The first is that for every SSN leased to the Australian navy, the US Navy exacerbates its deployment problems; the second is the likely cost associated with leasing. In April last year, three Los Angeles class submarines — USS Boise, USS Hartford, and USS Columbia — were awaiting maintenance in private yards. The total estimated cost was $US653 million. Presumably something similar would precede any Australian take-over in view of the fact that this class is old and demanding.

If, however, Australia opts for a British (Astute class) boat, should one be available, the decision will be notable for at least three reasons:

First, it would be is a gift to British industrial policy as it attempts to redress the precipitous loss of high-level skills that need to be maintained in the UK, especially in submarine construction and maintenance.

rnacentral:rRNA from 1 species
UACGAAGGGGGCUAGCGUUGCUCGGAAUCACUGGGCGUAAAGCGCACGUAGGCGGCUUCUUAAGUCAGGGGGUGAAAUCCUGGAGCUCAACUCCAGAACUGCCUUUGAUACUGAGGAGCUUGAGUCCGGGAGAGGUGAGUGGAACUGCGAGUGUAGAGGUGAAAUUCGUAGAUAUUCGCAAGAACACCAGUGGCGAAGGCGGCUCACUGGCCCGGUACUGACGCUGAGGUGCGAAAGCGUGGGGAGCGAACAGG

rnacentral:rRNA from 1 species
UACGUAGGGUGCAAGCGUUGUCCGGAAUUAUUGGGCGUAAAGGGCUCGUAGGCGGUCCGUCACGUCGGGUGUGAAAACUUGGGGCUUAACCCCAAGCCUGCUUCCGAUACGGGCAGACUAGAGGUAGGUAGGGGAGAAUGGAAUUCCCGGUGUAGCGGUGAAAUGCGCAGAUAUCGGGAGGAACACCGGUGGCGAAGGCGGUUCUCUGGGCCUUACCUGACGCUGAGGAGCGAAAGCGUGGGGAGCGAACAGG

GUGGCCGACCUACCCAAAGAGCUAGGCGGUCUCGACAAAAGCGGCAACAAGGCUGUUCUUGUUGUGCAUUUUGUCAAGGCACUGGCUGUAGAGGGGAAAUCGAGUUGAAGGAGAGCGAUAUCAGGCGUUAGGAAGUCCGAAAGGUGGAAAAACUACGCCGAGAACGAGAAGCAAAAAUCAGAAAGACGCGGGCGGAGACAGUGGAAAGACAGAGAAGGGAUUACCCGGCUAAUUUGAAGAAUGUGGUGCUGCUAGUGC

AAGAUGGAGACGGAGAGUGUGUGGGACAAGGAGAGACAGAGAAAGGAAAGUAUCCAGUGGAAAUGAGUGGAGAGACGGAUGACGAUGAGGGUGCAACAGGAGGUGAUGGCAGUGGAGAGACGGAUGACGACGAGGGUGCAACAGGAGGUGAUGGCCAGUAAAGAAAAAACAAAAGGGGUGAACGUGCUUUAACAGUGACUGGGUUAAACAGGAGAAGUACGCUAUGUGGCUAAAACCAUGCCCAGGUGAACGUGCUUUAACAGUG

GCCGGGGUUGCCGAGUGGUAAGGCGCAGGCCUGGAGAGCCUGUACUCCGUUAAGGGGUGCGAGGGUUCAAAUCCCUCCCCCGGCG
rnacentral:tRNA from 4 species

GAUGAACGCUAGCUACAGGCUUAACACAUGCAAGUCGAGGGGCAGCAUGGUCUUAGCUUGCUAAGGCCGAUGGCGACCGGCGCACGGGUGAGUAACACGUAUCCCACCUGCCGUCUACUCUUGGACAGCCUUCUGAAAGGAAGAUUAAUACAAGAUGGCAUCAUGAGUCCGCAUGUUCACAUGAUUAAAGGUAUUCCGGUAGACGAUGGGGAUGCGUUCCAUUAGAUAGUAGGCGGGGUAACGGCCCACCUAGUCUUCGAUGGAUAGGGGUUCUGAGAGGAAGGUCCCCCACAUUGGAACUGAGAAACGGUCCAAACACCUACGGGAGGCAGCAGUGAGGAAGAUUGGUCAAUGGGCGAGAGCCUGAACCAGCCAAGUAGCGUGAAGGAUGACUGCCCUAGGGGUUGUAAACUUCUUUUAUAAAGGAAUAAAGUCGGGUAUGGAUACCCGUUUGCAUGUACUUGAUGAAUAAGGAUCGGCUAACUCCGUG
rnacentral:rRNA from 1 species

Second, it would integrate Australia into a realm of British industrial policy that is desperate to perpetuate the current monopoly situation: specifically, the UK’s only submarine construction facility, BAE’s site at Barrow-in-Furness in Cumbria; its only naval nuclear reactor provider, the Rolls Royce factory in Derby; and its submarine maintenance contractor, Babcock International.

Third, it would be a decision taken in the face of the history of the Astute class: underestimated technological challenges, significant delays and massive cost overruns. By early 2009, the Astute programme was running nearly five years late and 53 per cent over budget.

If Australia decided on this option, the earliest a boat could be started on would be in the late 2020s and many variables would have to be in its favour, domestically and globally, for this to happen.